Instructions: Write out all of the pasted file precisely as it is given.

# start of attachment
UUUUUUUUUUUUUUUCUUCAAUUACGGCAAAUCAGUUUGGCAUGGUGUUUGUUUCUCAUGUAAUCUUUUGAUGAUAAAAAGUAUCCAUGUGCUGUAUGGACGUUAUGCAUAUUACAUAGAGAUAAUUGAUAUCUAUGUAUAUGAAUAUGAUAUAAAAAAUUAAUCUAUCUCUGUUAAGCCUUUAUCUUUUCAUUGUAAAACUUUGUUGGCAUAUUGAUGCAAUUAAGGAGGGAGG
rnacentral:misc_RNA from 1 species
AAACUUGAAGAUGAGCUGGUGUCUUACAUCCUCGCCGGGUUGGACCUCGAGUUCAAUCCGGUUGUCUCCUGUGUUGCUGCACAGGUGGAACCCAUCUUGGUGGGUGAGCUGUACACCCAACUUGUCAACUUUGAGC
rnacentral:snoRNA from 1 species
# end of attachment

UUUUUUUUUUUUUUUCUUCAAUUACGGCAAAUCAGUUUGGCAUGGUGUUUGUUUCUCAUGUAAUCUUUUGAUGAUAAAAAGUAUCCAUGUGCUGUAUGGACGUUAUGCAUAUUACAUAGAGAUAAUUGAUAUCUAUGUAUAUGAAUAUGAUAUAAAAAAUUAAUCUAUCUCUGUUAAGCCUUUAUCUUUUCAUUGUAAAACUUUGUUGGCAUAUUGAUGCAAUUAAGGAGGGAGG
rnacentral:misc_RNA from 1 species
AAACUUGAAGAUGAGCUGGUGUCUUACAUCCUCGCCGGGUUGGACCUCGAGUUCAAUCCGGUUGUCUCCUGUGUUGCUGCACAGGUGGAACCCAUCUUGGUGGGUGAGCUGUACACCCAACUUGUCAACUUUGAGC
rnacentral:snoRNA from 1 species